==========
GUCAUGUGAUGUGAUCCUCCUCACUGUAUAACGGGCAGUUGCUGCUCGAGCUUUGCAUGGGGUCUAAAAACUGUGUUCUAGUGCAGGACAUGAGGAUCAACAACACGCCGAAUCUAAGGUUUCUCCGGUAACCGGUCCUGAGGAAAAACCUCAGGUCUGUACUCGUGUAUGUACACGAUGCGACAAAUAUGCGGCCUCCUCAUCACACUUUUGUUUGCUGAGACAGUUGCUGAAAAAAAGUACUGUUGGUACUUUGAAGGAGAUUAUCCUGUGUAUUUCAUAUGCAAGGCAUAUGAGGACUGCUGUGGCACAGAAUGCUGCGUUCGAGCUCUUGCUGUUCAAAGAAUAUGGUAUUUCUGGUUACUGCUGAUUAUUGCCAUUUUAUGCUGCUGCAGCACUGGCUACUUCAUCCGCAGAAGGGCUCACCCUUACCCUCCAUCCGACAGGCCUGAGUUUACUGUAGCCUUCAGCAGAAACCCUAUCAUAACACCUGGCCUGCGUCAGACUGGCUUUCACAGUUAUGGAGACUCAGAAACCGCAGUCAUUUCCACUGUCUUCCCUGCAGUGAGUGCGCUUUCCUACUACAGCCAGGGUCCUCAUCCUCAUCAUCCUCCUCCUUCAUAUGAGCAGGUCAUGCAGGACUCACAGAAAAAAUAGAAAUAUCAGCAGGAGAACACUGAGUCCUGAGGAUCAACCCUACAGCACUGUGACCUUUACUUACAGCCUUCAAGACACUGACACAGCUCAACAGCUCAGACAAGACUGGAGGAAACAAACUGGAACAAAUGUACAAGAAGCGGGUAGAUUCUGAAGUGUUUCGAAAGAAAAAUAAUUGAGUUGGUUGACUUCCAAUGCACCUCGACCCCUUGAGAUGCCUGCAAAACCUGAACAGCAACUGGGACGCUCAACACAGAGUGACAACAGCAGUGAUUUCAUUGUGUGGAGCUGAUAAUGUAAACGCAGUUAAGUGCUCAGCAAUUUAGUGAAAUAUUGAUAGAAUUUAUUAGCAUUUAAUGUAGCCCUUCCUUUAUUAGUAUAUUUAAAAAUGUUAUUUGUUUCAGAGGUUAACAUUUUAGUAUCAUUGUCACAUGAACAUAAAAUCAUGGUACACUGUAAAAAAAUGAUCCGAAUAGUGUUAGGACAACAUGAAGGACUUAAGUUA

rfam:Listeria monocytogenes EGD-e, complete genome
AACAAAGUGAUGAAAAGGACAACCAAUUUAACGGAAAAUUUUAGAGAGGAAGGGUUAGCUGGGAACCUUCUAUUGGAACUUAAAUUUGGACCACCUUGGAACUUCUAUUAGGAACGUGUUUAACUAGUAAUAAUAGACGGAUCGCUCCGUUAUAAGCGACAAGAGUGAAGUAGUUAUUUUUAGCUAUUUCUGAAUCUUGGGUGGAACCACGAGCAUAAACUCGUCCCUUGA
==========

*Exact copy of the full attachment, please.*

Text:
GUCAUGUGAUGUGAUCCUCCUCACUGUAUAACGGGCAGUUGCUGCUCGAGCUUUGCAUGGGGUCUAAAAACUGUGUUCUAGUGCAGGACAUGAGGAUCAACAACACGCCGAAUCUAAGGUUUCUCCGGUAACCGGUCCUGAGGAAAAACCUCAGGUCUGUACUCGUGUAUGUACACGAUGCGACAAAUAUGCGGCCUCCUCAUCACACUUUUGUUUGCUGAGACAGUUGCUGAAAAAAAGUACUGUUGGUACUUUGAAGGAGAUUAUCCUGUGUAUUUCAUAUGCAAGGCAUAUGAGGACUGCUGUGGCACAGAAUGCUGCGUUCGAGCUCUUGCUGUUCAAAGAAUAUGGUAUUUCUGGUUACUGCUGAUUAUUGCCAUUUUAUGCUGCUGCAGCACUGGCUACUUCAUCCGCAGAAGGGCUCACCCUUACCCUCCAUCCGACAGGCCUGAGUUUACUGUAGCCUUCAGCAGAAACCCUAUCAUAACACCUGGCCUGCGUCAGACUGGCUUUCACAGUUAUGGAGACUCAGAAACCGCAGUCAUUUCCACUGUCUUCCCUGCAGUGAGUGCGCUUUCCUACUACAGCCAGGGUCCUCAUCCUCAUCAUCCUCCUCCUUCAUAUGAGCAGGUCAUGCAGGACUCACAGAAAAAAUAGAAAUAUCAGCAGGAGAACACUGAGUCCUGAGGAUCAACCCUACAGCACUGUGACCUUUACUUACAGCCUUCAAGACACUGACACAGCUCAACAGCUCAGACAAGACUGGAGGAAACAAACUGGAACAAAUGUACAAGAAGCGGGUAGAUUCUGAAGUGUUUCGAAAGAAAAAUAAUUGAGUUGGUUGACUUCCAAUGCACCUCGACCCCUUGAGAUGCCUGCAAAACCUGAACAGCAACUGGGACGCUCAACACAGAGUGACAACAGCAGUGAUUUCAUUGUGUGGAGCUGAUAAUGUAAACGCAGUUAAGUGCUCAGCAAUUUAGUGAAAUAUUGAUAGAAUUUAUUAGCAUUUAAUGUAGCCCUUCCUUUAUUAGUAUAUUUAAAAAUGUUAUUUGUUUCAGAGGUUAACAUUUUAGUAUCAUUGUCACAUGAACAUAAAAUCAUGGUACACUGUAAAAAAAUGAUCCGAAUAGUGUUAGGACAACAUGAAGGACUUAAGUUA

rfam:Listeria monocytogenes EGD-e, complete genome
AACAAAGUGAUGAAAAGGACAACCAAUUUAACGGAAAAUUUUAGAGAGGAAGGGUUAGCUGGGAACCUUCUAUUGGAACUUAAAUUUGGACCACCUUGGAACUUCUAUUAGGAACGUGUUUAACUAGUAAUAAUAGACGGAUCGCUCCGUUAUAAGCGACAAGAGUGAAGUAGUUAUUUUUAGCUAUUUCUGAAUCUUGGGUGGAACCACGAGCAUAAACUCGUCCCUUGA